Or, districts or schools might decide to eliminate the scenario of 15 year old boys snickering about their boobie bracelets, shrieking “I HEART BOOBIES!” as the girls with the actual boobies giggle and ask if they heart ALL boobies? Like these ones here? So the district says no bracelets in school. Meanwhile, a couple of middle school girls—yeah, girls. Because girls wearing the bracelets are the problem—decide to sue. The federal court sides with the ACLU and says kids wearing the bracelets “want to remove the stigma of breasts”—and then the Supreme Court, with all those conservatives, sides with the ACLU. So now, teachers have to tolerate freshman boys leering and saying they ‘heart boobies’ and do so in the knowledge that the state and federal courts valued their ability to do that more than the ability of districts to maintain reasonable decorum.

It is sometimes hard not to conclude that the public is the greatest enemy of public education. But at this point, I’ve still got courts in the first slot, the feds in the second, and state legislatures in third.

About educationrealist

20 responses to “Boobies and Bronies

  • Seguine

    “So when a boy with a little girl’s backpack faces derision and taunting, the school might see both the taunting and the backpack as problems.”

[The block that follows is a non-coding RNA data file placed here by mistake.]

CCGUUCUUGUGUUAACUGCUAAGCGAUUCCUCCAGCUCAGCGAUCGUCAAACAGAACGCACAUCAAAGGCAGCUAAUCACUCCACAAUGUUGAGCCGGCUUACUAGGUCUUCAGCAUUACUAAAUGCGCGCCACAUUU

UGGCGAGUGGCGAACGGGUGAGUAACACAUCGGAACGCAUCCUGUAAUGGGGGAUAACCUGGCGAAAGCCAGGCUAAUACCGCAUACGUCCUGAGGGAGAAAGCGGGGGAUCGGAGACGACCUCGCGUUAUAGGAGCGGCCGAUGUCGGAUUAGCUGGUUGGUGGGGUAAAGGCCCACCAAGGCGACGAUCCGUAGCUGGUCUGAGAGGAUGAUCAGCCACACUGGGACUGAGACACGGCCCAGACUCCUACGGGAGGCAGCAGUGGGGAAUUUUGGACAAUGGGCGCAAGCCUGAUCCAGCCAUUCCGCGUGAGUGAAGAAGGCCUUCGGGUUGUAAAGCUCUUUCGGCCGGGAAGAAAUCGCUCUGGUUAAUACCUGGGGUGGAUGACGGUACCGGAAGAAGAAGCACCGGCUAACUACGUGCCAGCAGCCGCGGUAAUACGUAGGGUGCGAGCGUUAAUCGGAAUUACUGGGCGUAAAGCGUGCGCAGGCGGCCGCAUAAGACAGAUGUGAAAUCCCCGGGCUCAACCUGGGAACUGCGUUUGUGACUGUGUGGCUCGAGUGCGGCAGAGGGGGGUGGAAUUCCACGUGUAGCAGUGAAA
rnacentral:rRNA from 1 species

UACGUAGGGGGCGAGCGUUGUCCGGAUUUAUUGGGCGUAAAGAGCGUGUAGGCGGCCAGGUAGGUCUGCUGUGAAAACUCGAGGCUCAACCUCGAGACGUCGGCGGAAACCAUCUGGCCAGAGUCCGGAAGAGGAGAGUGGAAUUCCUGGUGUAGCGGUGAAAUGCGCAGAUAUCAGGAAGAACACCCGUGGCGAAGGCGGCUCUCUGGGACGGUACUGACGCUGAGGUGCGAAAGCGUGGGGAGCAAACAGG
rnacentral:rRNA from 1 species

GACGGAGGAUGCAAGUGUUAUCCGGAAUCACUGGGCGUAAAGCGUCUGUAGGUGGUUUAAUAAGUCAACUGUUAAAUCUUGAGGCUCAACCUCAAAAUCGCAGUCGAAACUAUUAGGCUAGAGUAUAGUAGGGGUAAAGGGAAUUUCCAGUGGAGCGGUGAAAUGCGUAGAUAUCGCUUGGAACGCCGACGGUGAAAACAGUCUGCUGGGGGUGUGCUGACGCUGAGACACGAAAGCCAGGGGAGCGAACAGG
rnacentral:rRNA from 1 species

Problems with what? Maintaining order? Ensuring conformity?

    Perhaps kids who are not taunted for their divergence or immaturity grow out of it more easily than those who become defensive and despondent.

    “nine-year-old kids are developmentally prone to demand peer pressure”

    Yours is an odd position to take for one who has correctly noted that teachers tend to be a moralistic lot. You would not laud the value of peer pressure where it enforced conformity to norms you disapprove of (presumably, heroin use; certainly, cheating or “gaming” of educations systems).

    Evidently it’s not so important that teenage boys are developmentally prone to advertise their interest in boobies, or that teenage girls are developmentally prone to flaunt them.

    • Mike

      You would not laud the value of peer pressure where it enforced conformity to norms you disapprove of (presumably, heroin use; certainly, cheating or “gaming” of educations systems).

      Deciding which norms with which to encourage conformance; that’s the whole trick isn’t it?

  • retired